Vespa Pre 1979 Large Frame Engine Work

Older Vespa Engine Casing Split

This is a very similar process to the post 1979 Vespa large frame casing split page except for one very important aspect. The flywheel side bearing on older motors was not different than the clutch side bearing. Where newer motors have a two piece roller type bearing on the flywheel side to make the split easier, older motors have two identical bearings that fit very tightly in the casings. To start you need to:

  • Drain the oil from the transmission.
  • Remove the cylinder cowling by removing the single flat head bolt near the spark plug, and the two bolts top and bottom of the flywheel cover.
  • Remove the flywheel cover by removing the series of small bolts around the rim noted with red arrows. The gear selector cover will also come off with this.
  • Remove the cylinder barrel.
  • Remove the selector box.
  • Remove the flywheel.
  • Remove the exhaust - The exhaust removing procedure can be seen in the tuning exhaust page.
  • Remove the stator plate.

Using an 11mm socket, remove the casing nuts everywhere an arrow is shown above. The lowest one on the case has the nut facing the rear wheel.

The only way to get the flywheel bearing to release is to heat the aluminum casing around it with a hair dryer or blowtorch in order to make it slightly expand. This expansion slightly releases its grip on the flywheel side bearing and will allow you to get the casings apart. Be careful not to superheat the casings as the flywheel side oil seal is a made from rubber and could be damaged. Usually just hot enough to hold on to is fine. Rotate the heat source around the circular area where the crank protrudes, but NOT where the steel and metal oil seal is visible.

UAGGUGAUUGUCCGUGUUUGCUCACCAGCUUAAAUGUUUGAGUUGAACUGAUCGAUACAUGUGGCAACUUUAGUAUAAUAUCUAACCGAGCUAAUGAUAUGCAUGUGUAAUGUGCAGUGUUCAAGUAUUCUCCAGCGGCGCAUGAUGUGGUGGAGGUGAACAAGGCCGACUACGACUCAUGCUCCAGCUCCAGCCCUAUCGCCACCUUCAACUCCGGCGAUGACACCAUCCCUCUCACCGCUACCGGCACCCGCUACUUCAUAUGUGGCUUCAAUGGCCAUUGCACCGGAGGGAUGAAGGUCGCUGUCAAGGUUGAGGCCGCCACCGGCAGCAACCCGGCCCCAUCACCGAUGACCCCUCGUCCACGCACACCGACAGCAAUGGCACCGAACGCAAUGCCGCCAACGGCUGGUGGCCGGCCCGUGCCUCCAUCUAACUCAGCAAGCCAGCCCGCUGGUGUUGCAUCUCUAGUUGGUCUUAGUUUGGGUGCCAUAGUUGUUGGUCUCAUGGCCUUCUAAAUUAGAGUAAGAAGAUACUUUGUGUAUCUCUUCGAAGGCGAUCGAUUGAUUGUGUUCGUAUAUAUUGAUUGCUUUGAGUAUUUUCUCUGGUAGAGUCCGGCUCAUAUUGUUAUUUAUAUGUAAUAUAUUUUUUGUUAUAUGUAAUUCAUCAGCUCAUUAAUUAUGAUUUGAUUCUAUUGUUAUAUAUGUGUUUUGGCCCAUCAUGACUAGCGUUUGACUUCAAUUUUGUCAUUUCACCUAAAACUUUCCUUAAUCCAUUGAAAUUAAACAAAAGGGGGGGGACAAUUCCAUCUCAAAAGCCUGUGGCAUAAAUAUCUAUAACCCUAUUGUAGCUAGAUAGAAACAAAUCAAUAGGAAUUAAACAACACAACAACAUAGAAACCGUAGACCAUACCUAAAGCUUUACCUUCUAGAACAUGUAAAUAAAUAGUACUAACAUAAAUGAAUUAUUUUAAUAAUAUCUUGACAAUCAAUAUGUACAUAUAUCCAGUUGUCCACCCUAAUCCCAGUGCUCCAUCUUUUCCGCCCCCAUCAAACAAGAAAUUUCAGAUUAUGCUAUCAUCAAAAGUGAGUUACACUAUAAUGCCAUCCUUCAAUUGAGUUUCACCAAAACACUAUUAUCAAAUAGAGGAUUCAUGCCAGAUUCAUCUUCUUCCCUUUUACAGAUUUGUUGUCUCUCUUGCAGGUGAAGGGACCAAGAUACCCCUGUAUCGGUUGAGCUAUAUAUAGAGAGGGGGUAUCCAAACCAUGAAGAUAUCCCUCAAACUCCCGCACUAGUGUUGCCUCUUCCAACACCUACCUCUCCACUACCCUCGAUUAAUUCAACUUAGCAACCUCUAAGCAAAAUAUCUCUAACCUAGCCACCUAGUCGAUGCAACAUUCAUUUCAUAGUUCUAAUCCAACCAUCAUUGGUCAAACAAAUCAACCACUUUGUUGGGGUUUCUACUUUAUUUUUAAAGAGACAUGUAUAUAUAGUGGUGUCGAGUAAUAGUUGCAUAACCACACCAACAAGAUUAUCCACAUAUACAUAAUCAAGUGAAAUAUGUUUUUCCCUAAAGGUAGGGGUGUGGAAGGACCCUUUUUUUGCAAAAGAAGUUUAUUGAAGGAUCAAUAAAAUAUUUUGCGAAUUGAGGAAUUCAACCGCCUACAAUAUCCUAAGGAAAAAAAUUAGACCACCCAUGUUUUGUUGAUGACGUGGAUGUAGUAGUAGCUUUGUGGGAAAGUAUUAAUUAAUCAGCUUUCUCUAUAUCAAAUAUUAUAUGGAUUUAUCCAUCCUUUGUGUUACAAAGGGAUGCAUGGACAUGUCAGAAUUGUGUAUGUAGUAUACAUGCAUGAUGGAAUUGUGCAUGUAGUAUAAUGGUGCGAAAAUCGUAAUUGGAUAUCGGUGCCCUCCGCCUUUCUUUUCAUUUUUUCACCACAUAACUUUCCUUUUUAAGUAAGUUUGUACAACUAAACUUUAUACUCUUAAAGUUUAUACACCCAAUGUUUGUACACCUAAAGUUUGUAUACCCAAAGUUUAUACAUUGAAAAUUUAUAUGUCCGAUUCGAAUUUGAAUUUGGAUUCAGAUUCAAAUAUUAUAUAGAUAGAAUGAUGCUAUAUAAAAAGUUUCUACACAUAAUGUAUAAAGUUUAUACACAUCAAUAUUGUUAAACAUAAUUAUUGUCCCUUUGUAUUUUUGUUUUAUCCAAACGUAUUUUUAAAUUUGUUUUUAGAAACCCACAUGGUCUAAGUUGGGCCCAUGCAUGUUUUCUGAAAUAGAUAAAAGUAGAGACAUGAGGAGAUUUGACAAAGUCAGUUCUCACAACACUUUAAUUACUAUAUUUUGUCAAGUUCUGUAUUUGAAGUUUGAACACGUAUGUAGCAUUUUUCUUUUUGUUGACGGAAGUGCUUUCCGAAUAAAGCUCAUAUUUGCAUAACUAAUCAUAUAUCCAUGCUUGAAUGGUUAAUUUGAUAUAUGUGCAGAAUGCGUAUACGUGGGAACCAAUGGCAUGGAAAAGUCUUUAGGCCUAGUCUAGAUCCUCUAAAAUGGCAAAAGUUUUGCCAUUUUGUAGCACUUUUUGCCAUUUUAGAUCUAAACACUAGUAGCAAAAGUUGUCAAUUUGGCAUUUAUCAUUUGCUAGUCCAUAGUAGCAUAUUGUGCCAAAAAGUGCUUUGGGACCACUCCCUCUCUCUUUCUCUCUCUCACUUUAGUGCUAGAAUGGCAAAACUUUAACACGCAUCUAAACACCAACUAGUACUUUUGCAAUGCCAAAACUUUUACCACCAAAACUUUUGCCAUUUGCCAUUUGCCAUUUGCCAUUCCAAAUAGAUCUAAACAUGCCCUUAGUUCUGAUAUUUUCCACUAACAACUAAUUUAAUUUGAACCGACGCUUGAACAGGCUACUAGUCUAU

Slowly start pulling the casings away from each other. The kickstart is a handy lever to use when wrestling the casings apart. Don't try to pry the cases apart with anything or you could damage the sealing faces and cause an oil or air leak in the future.

The casings should be starting to come apart now. If they are really stubborn you can softly tap around the perimeter with a rubber mallet (not a hammer) to help out.

Finally the flywheel side should come free. You will see the bastard bearing (red arrow) that has been holding on to the casing still stuck to the right hand side of the crank. Sometimes it will stick in the casing and sometimes (more often) it will remain on the crank as shown. Since the clutch is still in place on this bike there is no possibility of the crank ending up coming out with the flywheel side.